10. The learned counsel for the petitioners relied upon certain observations of the Supreme Court in the case of State of Uttar Pradesh v. Basti Sugar Mills Co Ltd. : 1961CriLJ570 . Prior to 1957 the power to refer an industrial dispute for adjudication under Section 3 (d) and the power to pass an order under Section 3 (b) were subject to the same conditions precedent. It was urged before the Supreme Court that the two powers overlap enabling the State Government to discriminate by referring some cases for adjudication to an Industrial Tribunal under Clause (d), and in others by passing an executive order itself under Clause (b). The Supreme Court repelled this submission by interpreting the provisions of Section 3 Clause (b) to apply only in the case of an acute emergency. It seems that on the basis of those observations the present petitions state that there was no acute emergency at the relevant time. But in 1957 the provisions of the Industrial Disputes Act were materially and substantially altered by the U. P. Industrial Disputes (Amendment and Miscellaneous Provisions) Act 1 of 1957 The power of referring a dispute for adjudication was taken away from Section 3 of the Industrial Disputes Act and a new Section 4-K was incorporated in the Act; where under an industrial dispute could be referred to a Labour Court or a Tribunal, irrespective of the existence of the various conditions precedent mentioned in Section 3. The power to pass an order under Section 3 (b) and the power to refer a dispute for adjudication were not alternative. In Mahalakshmi Sugar Mills case. W P No. 2357 of 1959, D/- 13-7-1965 (All), cited above, I have held that the fields in which the two powers operate are different After 1957 it is no longer necessary that an acute emergency should exist before the State Government can act under Section 3 (b) of the Act.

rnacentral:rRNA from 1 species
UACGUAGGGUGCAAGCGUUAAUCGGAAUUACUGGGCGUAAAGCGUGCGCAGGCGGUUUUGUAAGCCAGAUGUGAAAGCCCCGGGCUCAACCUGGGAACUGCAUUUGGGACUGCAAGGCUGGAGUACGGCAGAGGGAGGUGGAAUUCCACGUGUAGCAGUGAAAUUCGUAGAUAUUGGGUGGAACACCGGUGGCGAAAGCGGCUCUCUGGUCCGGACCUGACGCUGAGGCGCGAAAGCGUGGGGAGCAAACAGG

11. Learned counsel next urged that the impugned order is bad as it violates the principles of natural justice. It is urged that before passing this order the State Government did not afford the petitioners any opportunity of hearing. It has not been shown to me that the function under Section 3 (b) of the U. P. Industrial Disputes Act is a judicial or a quasi judicial function. Apparently it is an administrative function. In administrative matters the principles of natural justice are not attracted. The statute does not provide for any right of hearing before such an order is passed. This point has not appealed to me.